How Retinoids Slow Down The Aging Process



Retinoids, the term for all vitamin-A derivatives (including Retinol, which we’ll be talking about in a minute), are amazing for your skin. Not only do retinoids treat acne, but they also brighten skin tone, fade dark spots and reverse the signs of ageing.


Until your early 30s, your skin cells regenerate every 28 days to create a fresh layer of untouched, smooth skin. From then onwards, cell regeneration slows down to every 50, 60 and eventually 70 days. As cell regeneration slows, your skin can become dry-looking, dull, and wrinkled.


Retinoids speed up cell regeneration, leading to fresher, smoother skin. The resulting increase in cell regeneration also increases collagen and elastin production; plumping up your skin, clearing and shrinking pores and fading dark spots and redness.


Retinoids sink into the skin and work on a cellular level so they're able to deeply resurface your skin, transforming your complexion over time.


But (although it’s only a small ‘but’), you won’t see results overnight. It can take at least three months of consistent retinoids application to notice a reduction in fine lines, dark spots, and acne.


What is Retinol?


Retinol is a mild type of Retinoid. Generally speaking, when we talk about Retinol products we’re talking about gentle, ‘over-the-counter’ type of products. Meanwhile, Retinoids are generally stronger, prescription-only treatments.


An over-the-counter anti-ageing formula will usually incorporate retinyl palmitate or Retinol – Retinol is slightly stronger.


If you’re looking for a Retinoid treatment for your skin, we recommend finding a product that uses a ‘Liposomal’ delivery system because it ensures the skin absorbs the nutrients.


What’s a liposome?


Well, a liposome is a tiny bubble made out of the same material as a cell membrane. So, Liposomal Retinol is essentially vitamin A inside a tiny membrane bubble. This allows it to be better absorbed into the skin without surface reaction.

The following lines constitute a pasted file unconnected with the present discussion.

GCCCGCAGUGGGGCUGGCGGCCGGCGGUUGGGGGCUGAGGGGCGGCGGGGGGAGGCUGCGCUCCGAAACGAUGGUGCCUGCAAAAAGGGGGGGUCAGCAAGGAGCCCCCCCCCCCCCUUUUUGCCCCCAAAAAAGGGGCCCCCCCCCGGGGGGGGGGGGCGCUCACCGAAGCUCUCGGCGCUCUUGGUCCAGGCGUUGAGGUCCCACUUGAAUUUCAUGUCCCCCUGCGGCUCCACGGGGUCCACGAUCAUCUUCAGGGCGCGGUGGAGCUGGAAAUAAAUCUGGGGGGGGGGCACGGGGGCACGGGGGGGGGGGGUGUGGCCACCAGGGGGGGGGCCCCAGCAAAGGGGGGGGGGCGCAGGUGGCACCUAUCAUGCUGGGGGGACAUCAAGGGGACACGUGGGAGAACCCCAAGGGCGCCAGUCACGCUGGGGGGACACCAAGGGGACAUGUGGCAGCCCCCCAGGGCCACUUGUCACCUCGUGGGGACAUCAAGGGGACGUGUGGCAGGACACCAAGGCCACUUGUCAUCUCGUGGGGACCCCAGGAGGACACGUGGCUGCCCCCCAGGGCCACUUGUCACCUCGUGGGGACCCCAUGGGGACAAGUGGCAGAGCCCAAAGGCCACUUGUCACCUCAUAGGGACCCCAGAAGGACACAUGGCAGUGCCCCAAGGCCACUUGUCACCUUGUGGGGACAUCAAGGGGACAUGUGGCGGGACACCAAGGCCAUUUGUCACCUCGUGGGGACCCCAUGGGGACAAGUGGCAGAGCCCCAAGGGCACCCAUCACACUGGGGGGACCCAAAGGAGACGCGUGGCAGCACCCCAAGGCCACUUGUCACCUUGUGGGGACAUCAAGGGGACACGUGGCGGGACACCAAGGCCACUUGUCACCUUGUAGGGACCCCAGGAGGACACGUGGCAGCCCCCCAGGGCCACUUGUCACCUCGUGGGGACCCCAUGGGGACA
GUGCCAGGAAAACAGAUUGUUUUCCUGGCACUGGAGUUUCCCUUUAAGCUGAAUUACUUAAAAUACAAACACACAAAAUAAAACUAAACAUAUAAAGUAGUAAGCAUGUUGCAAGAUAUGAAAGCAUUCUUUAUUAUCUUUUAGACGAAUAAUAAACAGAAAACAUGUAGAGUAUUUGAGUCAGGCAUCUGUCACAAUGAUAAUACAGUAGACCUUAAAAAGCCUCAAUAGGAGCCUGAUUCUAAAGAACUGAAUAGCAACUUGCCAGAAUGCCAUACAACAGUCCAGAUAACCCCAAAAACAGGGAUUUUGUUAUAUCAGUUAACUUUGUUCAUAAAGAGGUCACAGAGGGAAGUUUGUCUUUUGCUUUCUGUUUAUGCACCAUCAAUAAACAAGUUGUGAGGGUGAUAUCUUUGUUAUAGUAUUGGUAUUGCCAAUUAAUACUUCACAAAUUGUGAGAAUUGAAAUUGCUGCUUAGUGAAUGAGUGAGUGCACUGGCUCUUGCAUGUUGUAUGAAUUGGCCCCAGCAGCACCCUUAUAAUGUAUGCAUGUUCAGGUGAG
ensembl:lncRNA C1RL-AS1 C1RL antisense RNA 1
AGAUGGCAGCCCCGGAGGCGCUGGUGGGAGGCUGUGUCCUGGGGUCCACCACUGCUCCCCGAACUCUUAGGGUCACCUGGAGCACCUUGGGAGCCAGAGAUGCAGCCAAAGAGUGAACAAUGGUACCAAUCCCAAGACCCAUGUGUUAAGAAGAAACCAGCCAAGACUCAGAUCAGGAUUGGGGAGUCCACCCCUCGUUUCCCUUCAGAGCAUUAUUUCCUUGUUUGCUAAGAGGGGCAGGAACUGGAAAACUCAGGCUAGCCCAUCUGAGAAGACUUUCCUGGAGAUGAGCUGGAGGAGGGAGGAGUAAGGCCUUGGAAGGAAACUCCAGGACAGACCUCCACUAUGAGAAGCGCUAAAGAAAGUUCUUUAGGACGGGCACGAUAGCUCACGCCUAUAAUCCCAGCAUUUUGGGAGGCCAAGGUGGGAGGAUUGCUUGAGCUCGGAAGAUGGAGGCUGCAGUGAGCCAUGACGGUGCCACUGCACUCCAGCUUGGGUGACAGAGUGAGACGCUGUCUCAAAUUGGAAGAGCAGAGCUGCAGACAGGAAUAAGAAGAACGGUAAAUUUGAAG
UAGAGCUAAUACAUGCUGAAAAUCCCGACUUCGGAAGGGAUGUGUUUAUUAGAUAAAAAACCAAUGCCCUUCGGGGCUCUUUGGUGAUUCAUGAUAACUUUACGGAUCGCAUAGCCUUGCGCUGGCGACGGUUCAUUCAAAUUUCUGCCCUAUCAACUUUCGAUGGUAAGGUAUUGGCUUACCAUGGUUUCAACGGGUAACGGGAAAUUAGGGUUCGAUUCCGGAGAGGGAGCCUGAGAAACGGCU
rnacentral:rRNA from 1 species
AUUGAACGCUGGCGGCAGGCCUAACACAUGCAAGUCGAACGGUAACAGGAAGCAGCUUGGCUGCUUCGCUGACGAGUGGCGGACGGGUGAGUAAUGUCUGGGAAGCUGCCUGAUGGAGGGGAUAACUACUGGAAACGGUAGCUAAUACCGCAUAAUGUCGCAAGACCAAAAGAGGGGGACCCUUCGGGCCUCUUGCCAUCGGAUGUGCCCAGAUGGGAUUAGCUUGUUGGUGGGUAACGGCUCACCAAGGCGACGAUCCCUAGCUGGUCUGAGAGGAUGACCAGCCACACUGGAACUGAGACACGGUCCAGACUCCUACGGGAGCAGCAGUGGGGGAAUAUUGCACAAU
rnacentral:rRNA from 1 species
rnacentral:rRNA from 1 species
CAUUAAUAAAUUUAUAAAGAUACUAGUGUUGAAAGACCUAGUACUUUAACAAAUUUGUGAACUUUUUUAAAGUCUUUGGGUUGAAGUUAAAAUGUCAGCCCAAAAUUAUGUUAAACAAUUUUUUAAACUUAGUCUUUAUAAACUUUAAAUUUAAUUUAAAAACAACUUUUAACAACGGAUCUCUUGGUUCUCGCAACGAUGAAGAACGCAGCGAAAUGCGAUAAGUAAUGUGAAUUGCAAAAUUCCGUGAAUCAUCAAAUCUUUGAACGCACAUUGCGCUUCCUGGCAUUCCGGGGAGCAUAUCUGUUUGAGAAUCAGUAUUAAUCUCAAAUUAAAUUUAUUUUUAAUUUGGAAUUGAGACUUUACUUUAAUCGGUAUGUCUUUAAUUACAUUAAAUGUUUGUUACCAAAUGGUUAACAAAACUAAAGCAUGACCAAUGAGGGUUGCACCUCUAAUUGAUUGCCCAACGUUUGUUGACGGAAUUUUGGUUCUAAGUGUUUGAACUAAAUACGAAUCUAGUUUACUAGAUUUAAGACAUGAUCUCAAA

Other types of Retinoid include the stronger ‘Retinaldehyde’ or ‘Adapalene’ - the strongest over-the-counter Retinoid treatment, formulated to treat acne.


Ideally, you’d have a consultation to explore the most suitable Retinoid treatment for your skin type.


Meanwhile, we would generally recommend:


  • For sensitive skin, Retinyl Palmitate.

  • For normal skin, Retinol or Retinaldehyde.

  • For oily, acne-prone skin, Adapalene


With any of the above treatments, it’s important to not use too much - just a pea-sized drop of serum or a thin layer of moisturiser is sufficient for one application.


What’s the best way to use Retinoids?


Retinoids cause the skin to accelerate new cell production, so it’s common to experience a few weeks of flakiness or dryness. This will pass when your skin gets past the adjustment period.


Luckily, there are things you can do to mitigate these effects. Firstly, choose a gentle formula (Retinyl Palmitate or Retinol) to start gently. Secondly, don’t start lathering your face with Retinol to speed up the process—you’ll only end up hurting your skin. Instead, just use a small amount on clean, dry skin at night.


If your Retinoid is a night cream, use enough to cover your face in a thin layer.


If your Retinoid is a serum:


  1. Apply a pea-size drop over the entire face

  2. Wait 20 minutes for it to absorb

  3. Apply your usual serums and moisturisers on top




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